Java applet – hello world

A java applet is a web object that allows you to do some funky things within a web page, you could even have a game on the screen with a java applet. But as normal you have to start from the start as such, the most used starts are the classic “hello world” example.

In a java applet, it is basically a class called Applet that you extend from and this has all of base code inside it so you only need to implement the virtual functions

  1. init
  2. start
  3. paint
  4. destory
  5. stop

And these are the basic functions that allow you to call other classes of your choice. The init – (initialize), setups up the environment of your choice, start is where the application (GUI interface) will run within, paint is what is painted to the applet screen, destory is when you destory the applet you may need to clean up some code, stop is when the application/applet is stopped.

The main basic class will extend from a applet (java.applet.Applet) so you will need to import that class library

import java.applet.Applet;
// basic class extends the applet
public class HelloWorld extends java.applet.Applet {

and then implement the functions start,init,stop,destory and paint if required. Below is more code that will resize the basic applet object and display (paint) the words Hello World using the Graphics class object drawString method.

import java.awt.Graphics;		// need this for the Graphics part of the paint function
import java.applet.Applet;		// to extend from.
public class HelloWorld extends java.applet.Applet {
    // resize the screen 
    public void init()
    public void start()
    // draw with the Graphics class object a string on the canvas, point 50, 25
    public void paint(Graphics graphicsObj)
	graphicsObj.drawString("Hello World!", 50,25);
    public void stop()
    public void destroy()

Is you save that as “” and then you need to compile it into a class file (which is a common object file that java can read to run within the virtual machine).


which will output the HelloWorld.class file, which you will need to include into the html code applet tag, below is the HTML code

<title>A hello world</title>
Test output of the program
<applet code="HelloWorld.class" width=150 height=25>

The output would be

Test output of the program

Note: If you look at the source code of this page, it will say

<applet code="HelloWorld.class" codebase="/Appletsexamples/"  archive="HelloWorld.jar" width="150" height="25"></applet>

I had to add in the codebase and archive because of the hosting, to create a jar file you just need to do

jar cf <tarname> <file(s) name>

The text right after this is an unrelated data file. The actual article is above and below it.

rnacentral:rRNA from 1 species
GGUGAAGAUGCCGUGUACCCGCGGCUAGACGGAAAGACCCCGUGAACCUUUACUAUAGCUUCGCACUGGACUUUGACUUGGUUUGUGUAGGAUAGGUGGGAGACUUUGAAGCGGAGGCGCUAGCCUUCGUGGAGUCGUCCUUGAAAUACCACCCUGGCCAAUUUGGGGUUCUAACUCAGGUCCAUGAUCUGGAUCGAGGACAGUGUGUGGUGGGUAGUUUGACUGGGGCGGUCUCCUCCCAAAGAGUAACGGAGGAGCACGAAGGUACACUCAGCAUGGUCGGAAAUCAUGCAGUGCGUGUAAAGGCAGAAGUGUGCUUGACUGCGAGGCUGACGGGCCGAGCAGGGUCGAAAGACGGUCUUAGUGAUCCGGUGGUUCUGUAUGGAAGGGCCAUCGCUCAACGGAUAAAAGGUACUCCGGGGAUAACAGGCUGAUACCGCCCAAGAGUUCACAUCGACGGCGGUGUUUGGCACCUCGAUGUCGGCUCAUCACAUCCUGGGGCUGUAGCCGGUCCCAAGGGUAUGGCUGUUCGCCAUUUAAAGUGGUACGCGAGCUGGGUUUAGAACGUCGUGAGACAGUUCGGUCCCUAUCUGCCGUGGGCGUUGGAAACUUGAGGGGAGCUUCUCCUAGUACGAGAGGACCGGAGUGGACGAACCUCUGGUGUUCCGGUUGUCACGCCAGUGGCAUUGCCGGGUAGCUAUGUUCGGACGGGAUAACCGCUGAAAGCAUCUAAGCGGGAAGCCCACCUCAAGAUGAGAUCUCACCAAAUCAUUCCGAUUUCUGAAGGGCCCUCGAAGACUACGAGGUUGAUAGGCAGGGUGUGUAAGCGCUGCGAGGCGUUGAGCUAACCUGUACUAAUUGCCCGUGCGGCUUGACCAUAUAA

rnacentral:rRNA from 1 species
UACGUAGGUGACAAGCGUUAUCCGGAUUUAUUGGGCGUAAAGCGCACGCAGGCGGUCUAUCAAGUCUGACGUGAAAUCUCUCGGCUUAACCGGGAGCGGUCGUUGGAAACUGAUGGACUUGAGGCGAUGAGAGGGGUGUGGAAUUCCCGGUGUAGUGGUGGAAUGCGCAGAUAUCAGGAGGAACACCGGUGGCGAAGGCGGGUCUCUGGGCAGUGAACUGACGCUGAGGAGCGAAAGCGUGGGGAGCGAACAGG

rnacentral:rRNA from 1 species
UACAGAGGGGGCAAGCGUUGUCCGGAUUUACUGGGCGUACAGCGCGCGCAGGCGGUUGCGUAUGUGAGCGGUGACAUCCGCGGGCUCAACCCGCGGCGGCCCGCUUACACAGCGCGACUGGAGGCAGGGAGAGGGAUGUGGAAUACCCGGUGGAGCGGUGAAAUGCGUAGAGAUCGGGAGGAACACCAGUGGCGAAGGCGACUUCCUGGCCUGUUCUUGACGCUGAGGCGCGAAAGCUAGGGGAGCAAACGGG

jar cf HelloWorld.jar HelloWorld.class

The jar file is basically a zipped archive.

const – constants in functions

Const is a constant type, it makes what is talking to a constant value. The value cannot be altered in anyway, a good reason for this could be for a constant string for error codes or if the value of a variable needs to be checked but not altered in anyway.

Pointers can be constants too and also there are many places that you can put the const type. Here are some examples

// constant integer value
const int constValue = 3;
// normal value.
int Value = 10;
//pointers can be constants too
const int * pConst = &constValue;
//the pConst is a pointer to a const int value, the value pointed to cannot be altered, but the pConst memory location can to where it is pointing to.
int * const pConst = &Value;
// here the pConst value pointed to can be altered, but the memory location for the pConst for where it is pointing to cannot be altered (always pointing to the same place).
// of course you can have both.
const int * const pConstConst = &constValue;
// here it is a const int value that has a const pointer that is not allow to change.

You can also place const around the function definition as well, there are three places where you can place the const type.

const int returnValue(const int value1) const;

In the order of the const on the function definition list

  1. constant return type, cannot alter the returned value (unless you place it in a another variable)
  2. constant parameter passed, you cannot alter the value1 in this case
  3. constant “this”, this is the class that it is placed in and you cannot alter any values within that class

I have placed below some code that will hopefully explain more for the different types and also the error codes that come if you try and compile up if you are not obeying const rules and I placed the code below for what caused the error.


using namespace std;

// there are 3 different places you can put a const (constant)
// restriction on a function definition line.
// const int returnConstInt(const int value1) const
// {
// }